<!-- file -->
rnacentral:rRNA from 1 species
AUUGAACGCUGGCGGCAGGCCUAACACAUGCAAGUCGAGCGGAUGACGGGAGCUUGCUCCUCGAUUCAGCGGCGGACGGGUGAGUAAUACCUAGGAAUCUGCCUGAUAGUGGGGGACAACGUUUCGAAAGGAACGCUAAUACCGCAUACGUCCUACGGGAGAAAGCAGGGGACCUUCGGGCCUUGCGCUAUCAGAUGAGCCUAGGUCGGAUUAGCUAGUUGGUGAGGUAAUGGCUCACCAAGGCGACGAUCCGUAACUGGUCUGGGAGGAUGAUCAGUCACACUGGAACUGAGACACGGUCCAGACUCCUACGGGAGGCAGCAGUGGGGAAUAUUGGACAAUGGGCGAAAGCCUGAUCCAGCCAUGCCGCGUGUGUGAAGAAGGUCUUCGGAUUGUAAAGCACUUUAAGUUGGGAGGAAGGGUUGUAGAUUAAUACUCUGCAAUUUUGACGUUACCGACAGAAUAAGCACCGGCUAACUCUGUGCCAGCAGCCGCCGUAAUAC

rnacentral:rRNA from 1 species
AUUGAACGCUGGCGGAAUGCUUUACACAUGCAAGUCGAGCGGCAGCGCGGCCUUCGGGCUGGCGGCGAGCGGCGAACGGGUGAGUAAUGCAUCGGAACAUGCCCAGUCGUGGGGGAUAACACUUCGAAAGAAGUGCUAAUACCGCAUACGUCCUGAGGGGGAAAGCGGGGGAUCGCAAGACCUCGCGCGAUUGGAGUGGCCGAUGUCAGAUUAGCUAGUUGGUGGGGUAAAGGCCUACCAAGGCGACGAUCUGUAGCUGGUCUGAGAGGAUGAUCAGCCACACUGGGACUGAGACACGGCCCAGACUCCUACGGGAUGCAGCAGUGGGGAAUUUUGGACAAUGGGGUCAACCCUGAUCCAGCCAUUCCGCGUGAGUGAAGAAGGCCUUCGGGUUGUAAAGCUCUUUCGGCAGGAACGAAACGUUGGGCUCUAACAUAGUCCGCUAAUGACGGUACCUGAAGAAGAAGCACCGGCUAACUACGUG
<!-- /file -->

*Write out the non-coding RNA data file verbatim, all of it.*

rnacentral:rRNA from 1 species
AUUGAACGCUGGCGGCAGGCCUAACACAUGCAAGUCGAGCGGAUGACGGGAGCUUGCUCCUCGAUUCAGCGGCGGACGGGUGAGUAAUACCUAGGAAUCUGCCUGAUAGUGGGGGACAACGUUUCGAAAGGAACGCUAAUACCGCAUACGUCCUACGGGAGAAAGCAGGGGACCUUCGGGCCUUGCGCUAUCAGAUGAGCCUAGGUCGGAUUAGCUAGUUGGUGAGGUAAUGGCUCACCAAGGCGACGAUCCGUAACUGGUCUGGGAGGAUGAUCAGUCACACUGGAACUGAGACACGGUCCAGACUCCUACGGGAGGCAGCAGUGGGGAAUAUUGGACAAUGGGCGAAAGCCUGAUCCAGCCAUGCCGCGUGUGUGAAGAAGGUCUUCGGAUUGUAAAGCACUUUAAGUUGGGAGGAAGGGUUGUAGAUUAAUACUCUGCAAUUUUGACGUUACCGACAGAAUAAGCACCGGCUAACUCUGUGCCAGCAGCCGCCGUAAUAC

rnacentral:rRNA from 1 species
AUUGAACGCUGGCGGAAUGCUUUACACAUGCAAGUCGAGCGGCAGCGCGGCCUUCGGGCUGGCGGCGAGCGGCGAACGGGUGAGUAAUGCAUCGGAACAUGCCCAGUCGUGGGGGAUAACACUUCGAAAGAAGUGCUAAUACCGCAUACGUCCUGAGGGGGAAAGCGGGGGAUCGCAAGACCUCGCGCGAUUGGAGUGGCCGAUGUCAGAUUAGCUAGUUGGUGGGGUAAAGGCCUACCAAGGCGACGAUCUGUAGCUGGUCUGAGAGGAUGAUCAGCCACACUGGGACUGAGACACGGCCCAGACUCCUACGGGAUGCAGCAGUGGGGAAUUUUGGACAAUGGGGUCAACCCUGAUCCAGCCAUUCCGCGUGAGUGAAGAAGGCCUUCGGGUUGUAAAGCUCUUUCGGCAGGAACGAAACGUUGGGCUCUAACAUAGUCCGCUAAUGACGGUACCUGAAGAAGAAGCACCGGCUAACUACGUG